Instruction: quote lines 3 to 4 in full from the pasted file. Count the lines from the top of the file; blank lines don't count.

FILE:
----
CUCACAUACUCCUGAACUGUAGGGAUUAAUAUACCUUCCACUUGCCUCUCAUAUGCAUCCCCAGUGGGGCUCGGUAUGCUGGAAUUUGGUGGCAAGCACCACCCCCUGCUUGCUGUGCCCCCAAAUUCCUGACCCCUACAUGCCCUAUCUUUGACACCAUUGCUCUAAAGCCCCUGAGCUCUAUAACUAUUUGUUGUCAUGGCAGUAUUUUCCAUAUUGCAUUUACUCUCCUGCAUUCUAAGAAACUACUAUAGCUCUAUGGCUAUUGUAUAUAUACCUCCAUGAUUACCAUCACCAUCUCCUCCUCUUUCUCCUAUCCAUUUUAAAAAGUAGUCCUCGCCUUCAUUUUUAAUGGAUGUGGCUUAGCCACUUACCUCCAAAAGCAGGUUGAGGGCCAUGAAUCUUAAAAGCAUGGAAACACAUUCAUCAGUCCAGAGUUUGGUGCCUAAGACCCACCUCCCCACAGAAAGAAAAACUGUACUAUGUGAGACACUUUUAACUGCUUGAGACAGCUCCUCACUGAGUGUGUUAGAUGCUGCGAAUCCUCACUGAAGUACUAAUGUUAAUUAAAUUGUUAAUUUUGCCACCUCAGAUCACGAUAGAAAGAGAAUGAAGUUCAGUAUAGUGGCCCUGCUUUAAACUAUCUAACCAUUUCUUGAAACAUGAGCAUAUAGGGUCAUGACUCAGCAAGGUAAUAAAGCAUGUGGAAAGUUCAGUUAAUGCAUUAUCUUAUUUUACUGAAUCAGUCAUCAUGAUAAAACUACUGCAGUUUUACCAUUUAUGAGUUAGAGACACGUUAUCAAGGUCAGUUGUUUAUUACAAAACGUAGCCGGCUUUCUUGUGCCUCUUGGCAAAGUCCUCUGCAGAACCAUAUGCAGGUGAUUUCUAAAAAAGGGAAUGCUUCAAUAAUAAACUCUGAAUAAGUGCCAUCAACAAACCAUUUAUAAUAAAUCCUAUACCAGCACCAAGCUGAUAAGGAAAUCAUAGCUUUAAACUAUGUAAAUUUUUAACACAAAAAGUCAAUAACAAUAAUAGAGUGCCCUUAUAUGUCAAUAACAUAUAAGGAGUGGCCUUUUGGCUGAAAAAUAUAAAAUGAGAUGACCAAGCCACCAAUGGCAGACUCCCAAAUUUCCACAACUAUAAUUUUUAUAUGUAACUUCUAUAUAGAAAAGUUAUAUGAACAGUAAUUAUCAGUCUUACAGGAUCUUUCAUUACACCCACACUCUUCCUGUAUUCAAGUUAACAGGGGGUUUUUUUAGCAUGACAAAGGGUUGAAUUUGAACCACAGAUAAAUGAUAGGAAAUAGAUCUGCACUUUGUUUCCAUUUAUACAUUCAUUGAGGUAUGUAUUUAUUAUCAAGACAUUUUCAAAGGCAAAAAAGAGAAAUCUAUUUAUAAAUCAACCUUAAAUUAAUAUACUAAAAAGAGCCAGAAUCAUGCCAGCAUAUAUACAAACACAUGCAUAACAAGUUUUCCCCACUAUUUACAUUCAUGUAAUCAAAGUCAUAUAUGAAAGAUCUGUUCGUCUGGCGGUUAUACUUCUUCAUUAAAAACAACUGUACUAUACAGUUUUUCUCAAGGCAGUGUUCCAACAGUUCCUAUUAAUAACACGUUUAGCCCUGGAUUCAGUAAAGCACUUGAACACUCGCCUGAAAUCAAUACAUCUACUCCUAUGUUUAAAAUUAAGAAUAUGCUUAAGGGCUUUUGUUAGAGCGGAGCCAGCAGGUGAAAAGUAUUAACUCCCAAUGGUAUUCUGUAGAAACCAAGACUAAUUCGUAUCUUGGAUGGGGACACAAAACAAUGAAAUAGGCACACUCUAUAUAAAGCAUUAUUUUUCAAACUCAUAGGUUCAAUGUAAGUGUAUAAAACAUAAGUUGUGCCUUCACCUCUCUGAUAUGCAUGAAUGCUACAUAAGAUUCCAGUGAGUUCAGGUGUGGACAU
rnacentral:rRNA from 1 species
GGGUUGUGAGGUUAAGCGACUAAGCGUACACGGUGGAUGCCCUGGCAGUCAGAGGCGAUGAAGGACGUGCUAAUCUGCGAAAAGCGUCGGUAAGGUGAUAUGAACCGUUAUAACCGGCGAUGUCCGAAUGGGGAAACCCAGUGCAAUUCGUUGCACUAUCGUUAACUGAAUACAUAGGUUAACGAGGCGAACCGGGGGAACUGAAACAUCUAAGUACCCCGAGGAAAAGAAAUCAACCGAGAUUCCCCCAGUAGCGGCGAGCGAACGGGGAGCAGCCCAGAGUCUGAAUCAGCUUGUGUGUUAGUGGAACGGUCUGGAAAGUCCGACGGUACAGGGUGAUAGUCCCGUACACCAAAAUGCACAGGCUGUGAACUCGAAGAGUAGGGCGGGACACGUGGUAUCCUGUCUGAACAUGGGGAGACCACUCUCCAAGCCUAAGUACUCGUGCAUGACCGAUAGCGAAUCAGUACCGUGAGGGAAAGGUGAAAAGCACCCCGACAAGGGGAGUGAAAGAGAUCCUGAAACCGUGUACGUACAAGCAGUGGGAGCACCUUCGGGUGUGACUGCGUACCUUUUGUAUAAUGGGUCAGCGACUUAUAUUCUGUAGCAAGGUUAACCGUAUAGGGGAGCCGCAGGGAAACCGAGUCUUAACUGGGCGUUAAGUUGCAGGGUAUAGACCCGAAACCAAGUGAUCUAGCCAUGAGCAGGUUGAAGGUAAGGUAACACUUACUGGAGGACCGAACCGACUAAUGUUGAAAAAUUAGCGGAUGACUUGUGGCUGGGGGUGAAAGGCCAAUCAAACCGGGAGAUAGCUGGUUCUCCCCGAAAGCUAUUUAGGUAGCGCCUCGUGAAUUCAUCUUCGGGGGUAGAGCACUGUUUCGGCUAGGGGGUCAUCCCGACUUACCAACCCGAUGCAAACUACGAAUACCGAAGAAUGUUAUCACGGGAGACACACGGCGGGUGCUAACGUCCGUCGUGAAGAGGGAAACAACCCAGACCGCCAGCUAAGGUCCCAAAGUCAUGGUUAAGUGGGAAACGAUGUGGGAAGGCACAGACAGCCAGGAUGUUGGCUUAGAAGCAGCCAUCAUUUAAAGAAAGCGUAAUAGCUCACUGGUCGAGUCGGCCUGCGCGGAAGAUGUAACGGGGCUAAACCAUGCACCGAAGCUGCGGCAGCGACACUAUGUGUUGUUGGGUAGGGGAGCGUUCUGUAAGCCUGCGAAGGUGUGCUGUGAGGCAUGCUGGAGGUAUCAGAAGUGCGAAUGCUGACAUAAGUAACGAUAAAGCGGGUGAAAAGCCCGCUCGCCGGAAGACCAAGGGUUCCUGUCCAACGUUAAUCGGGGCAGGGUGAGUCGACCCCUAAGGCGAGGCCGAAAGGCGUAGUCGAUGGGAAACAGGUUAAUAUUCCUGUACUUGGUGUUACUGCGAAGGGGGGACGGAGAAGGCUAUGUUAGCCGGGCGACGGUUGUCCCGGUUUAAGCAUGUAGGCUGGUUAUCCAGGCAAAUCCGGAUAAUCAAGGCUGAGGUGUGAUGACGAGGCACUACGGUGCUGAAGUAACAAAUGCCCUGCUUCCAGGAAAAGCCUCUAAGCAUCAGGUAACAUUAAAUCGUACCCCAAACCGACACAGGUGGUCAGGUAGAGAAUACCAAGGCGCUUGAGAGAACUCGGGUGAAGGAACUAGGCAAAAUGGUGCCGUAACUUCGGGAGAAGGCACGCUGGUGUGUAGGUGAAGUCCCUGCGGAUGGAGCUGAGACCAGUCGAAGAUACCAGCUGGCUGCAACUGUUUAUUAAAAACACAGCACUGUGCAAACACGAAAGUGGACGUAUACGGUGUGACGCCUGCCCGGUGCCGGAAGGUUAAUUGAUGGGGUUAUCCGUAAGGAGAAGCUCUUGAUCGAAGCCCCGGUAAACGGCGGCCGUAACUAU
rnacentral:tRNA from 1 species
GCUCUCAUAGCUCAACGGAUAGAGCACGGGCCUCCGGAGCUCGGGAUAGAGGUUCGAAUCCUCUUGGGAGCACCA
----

GGGUUGUGAGGUUAAGCGACUAAGCGUACACGGUGGAUGCCCUGGCAGUCAGAGGCGAUGAAGGACGUGCUAAUCUGCGAAAAGCGUCGGUAAGGUGAUAUGAACCGUUAUAACCGGCGAUGUCCGAAUGGGGAAACCCAGUGCAAUUCGUUGCACUAUCGUUAACUGAAUACAUAGGUUAACGAGGCGAACCGGGGGAACUGAAACAUCUAAGUACCCCGAGGAAAAGAAAUCAACCGAGAUUCCCCCAGUAGCGGCGAGCGAACGGGGAGCAGCCCAGAGUCUGAAUCAGCUUGUGUGUUAGUGGAACGGUCUGGAAAGUCCGACGGUACAGGGUGAUAGUCCCGUACACCAAAAUGCACAGGCUGUGAACUCGAAGAGUAGGGCGGGACACGUGGUAUCCUGUCUGAACAUGGGGAGACCACUCUCCAAGCCUAAGUACUCGUGCAUGACCGAUAGCGAAUCAGUACCGUGAGGGAAAGGUGAAAAGCACCCCGACAAGGGGAGUGAAAGAGAUCCUGAAACCGUGUACGUACAAGCAGUGGGAGCACCUUCGGGUGUGACUGCGUACCUUUUGUAUAAUGGGUCAGCGACUUAUAUUCUGUAGCAAGGUUAACCGUAUAGGGGAGCCGCAGGGAAACCGAGUCUUAACUGGGCGUUAAGUUGCAGGGUAUAGACCCGAAACCAAGUGAUCUAGCCAUGAGCAGGUUGAAGGUAAGGUAACACUUACUGGAGGACCGAACCGACUAAUGUUGAAAAAUUAGCGGAUGACUUGUGGCUGGGGGUGAAAGGCCAAUCAAACCGGGAGAUAGCUGGUUCUCCCCGAAAGCUAUUUAGGUAGCGCCUCGUGAAUUCAUCUUCGGGGGUAGAGCACUGUUUCGGCUAGGGGGUCAUCCCGACUUACCAACCCGAUGCAAACUACGAAUACCGAAGAAUGUUAUCACGGGAGACACACGGCGGGUGCUAACGUCCGUCGUGAAGAGGGAAACAACCCAGACCGCCAGCUAAGGUCCCAAAGUCAUGGUUAAGUGGGAAACGAUGUGGGAAGGCACAGACAGCCAGGAUGUUGGCUUAGAAGCAGCCAUCAUUUAAAGAAAGCGUAAUAGCUCACUGGUCGAGUCGGCCUGCGCGGAAGAUGUAACGGGGCUAAACCAUGCACCGAAGCUGCGGCAGCGACACUAUGUGUUGUUGGGUAGGGGAGCGUUCUGUAAGCCUGCGAAGGUGUGCUGUGAGGCAUGCUGGAGGUAUCAGAAGUGCGAAUGCUGACAUAAGUAACGAUAAAGCGGGUGAAAAGCCCGCUCGCCGGAAGACCAAGGGUUCCUGUCCAACGUUAAUCGGGGCAGGGUGAGUCGACCCCUAAGGCGAGGCCGAAAGGCGUAGUCGAUGGGAAACAGGUUAAUAUUCCUGUACUUGGUGUUACUGCGAAGGGGGGACGGAGAAGGCUAUGUUAGCCGGGCGACGGUUGUCCCGGUUUAAGCAUGUAGGCUGGUUAUCCAGGCAAAUCCGGAUAAUCAAGGCUGAGGUGUGAUGACGAGGCACUACGGUGCUGAAGUAACAAAUGCCCUGCUUCCAGGAAAAGCCUCUAAGCAUCAGGUAACAUUAAAUCGUACCCCAAACCGACACAGGUGGUCAGGUAGAGAAUACCAAGGCGCUUGAGAGAACUCGGGUGAAGGAACUAGGCAAAAUGGUGCCGUAACUUCGGGAGAAGGCACGCUGGUGUGUAGGUGAAGUCCCUGCGGAUGGAGCUGAGACCAGUCGAAGAUACCAGCUGGCUGCAACUGUUUAUUAAAAACACAGCACUGUGCAAACACGAAAGUGGACGUAUACGGUGUGACGCCUGCCCGGUGCCGGAAGGUUAAUUGAUGGGGUUAUCCGUAAGGAGAAGCUCUUGAUCGAAGCCCCGGUAAACGGCGGCCGUAACUAU
rnacentral:tRNA from 1 species